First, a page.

Another embodiment of a diameter adapter according to this aspect of the invention is shown in FIG. 5. The braden head 40 shown in FIG. 5 includes thereon a spool 50 or similar device. In this example, the spool 50 is a tubing spool typically used to hang a production tubing inside a casing. The type of spool used in any form of this embodiment of the invention will depend on the diameter of the casing (46A in FIG. 4A). Note that in a wellbore which uses a casing swab, typically no production tubing is present therein. An adapter sleeve 51 is coupled at one end to a flange 53 or similar hanging instrument to “hang off” the adapter sleeve 51 in the tubing spool 50. Preferably the adapter sleeve 51 includes therein openings or perforations 52 to enable fluid communication from the interior of the sleeve 51 to a casing wing valve port 54 in the spool 50. The length of the sleeve 51 should be such that the sleeve 51 hangs properly in the spool 50, and the lower end of the sleeve 51 is proximate the upper end of the casing stub 48.
Preferably the openings or perforations 52 are formed to have a substantially smooth surface on the interior wall of the sleeve 51, so that wear and damage to the plunger seals (not shown in FIG. 5) are minimized. Methods for forming such perforations and surface are known in the art.
The various embodiments of a diameter adapter according to the foregoing aspect of the invention reduce the number of sharp edges and rapid changes in diameter inside wellhead equipment and can improve the life of plunger seals on a casing swab plunger.
In another aspect of the invention, it has been determined that plunger seal life may be improved by providing a selected “rest time” where the plunger (10 in FIG. 1A) is held in place inside the lubricator (30 in FIG. 3A) before being allowed to return down the casing (46A in FIG. 4A). Allowing the plunger to “rest” (remain latched) in the lubricator enables gas and other fluids which may become entrapped in the plunger seal material to be released therefrom. Releasing entrapped gas and fluids may reduce blistering of the plunger seals. Generally speaking, the amount of time needed to keep the plunger latched in the lubricator will depend on the type of seal material and on the pressure at the wellhead. A type of seal material used by Regal International, Inc., Corsicana, Tex., to make a seal sold by them under trade name “extended lip jet cup, 4½ inch, part no. 80-9830” was tested to determine suitable “rest” times. It has been determined that a preferred amount of plunger “rest” time for various wellhead pressures is shown in the following table when using this particular seal material.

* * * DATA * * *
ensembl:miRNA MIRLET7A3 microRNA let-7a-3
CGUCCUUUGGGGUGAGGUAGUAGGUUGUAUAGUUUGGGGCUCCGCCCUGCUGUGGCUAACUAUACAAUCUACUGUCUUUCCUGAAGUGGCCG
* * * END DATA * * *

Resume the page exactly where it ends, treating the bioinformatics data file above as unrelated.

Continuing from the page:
Wellhead Pressure (psi)
Minimum Latching Time (minutes)
In a method according to this aspect of the invention, an amount of time that the plunger (10 in FIG. 1A) is latched in the lubricator (30 in FIG. 3A) is set to at least an amount which enables the entrapped gas and liquids in the plunger seal material substantially to escape from the seal material. Longer in-latch times may be used in any particular plunger cycle, depending on the rate at which liquids must be removed from the wellbore and on the lifting capacity of the plunger (10 in FIG. 1A), as long as the in-latch time is at least enough to enable most of the entrapped gas and fluids to escape from the seal material. As is known in the art, the lifting capacity of the plunger depends on the differential pressure that can be developed in the wellbore and on the diameter of the plunger. It should be noted that the preferred minimum times shown in the table above are related to the specific material described herein. Other materials may have different preferred minimum in-latch times. Also as previously explained, the minimum in-latch time may depend on the well pressure. Accordingly, the above times are meant to serve only as examples with respect to one type of seal material, and are not meant to limit the invention.
While the invention has been described with respect to a limited number of embodiments, those skilled in the art, having benefit of this disclosure, will appreciate that other embodiments can be devised which do not depart from the scope of the invention as disclosed herein. Accordingly, the scope of the invention should be limited only by the attached claims.
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|Citing Patent||Filing date||Publication date||Applicant||Title|
|US8727023 *||Jul 2, 2009||May 20, 2014||Maersk Olie Og Gas A/S||Wireline lubricator|
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|U.S. Classification||166/372, 166/70|
|Apr 15, 2002||AS||Assignment|
Owner name: CONOCO, INC., TEXAS
Free format text: ASSIGNMENT OF ASSIGNORS INTEREST;ASSIGNOR:BISHOP, RONALD C.;REEL/FRAME:012801/0904
Effective date: 20010926
|Apr 22, 2002||AS||Assignment|
Owner name: MULTI PRODUCTS COMPANY, OHIO
Free format text: ASSIGNMENT OF ASSIGNORS INTEREST;ASSIGNOR:GREGG, DAVID P.;REEL/FRAME:012818/0375
Effective date: 20020408
|Jun 5, 2003||AS||Assignment|
Owner name: CONOCOPHILLIPS COMPANY, TEXAS
Free format text: MERGER;ASSIGNOR:CONOCO INC.;REEL/FRAME:014137/0038
Effective date: 20021212
|Mar 20, 2007||FPAY||Fee payment|
Year of fee payment: 4
|Mar 23, 2011||FPAY||Fee payment|
Year of fee payment: 8
|Mar 25, 2015||FPAY||Fee payment|
Year of fee payment: 12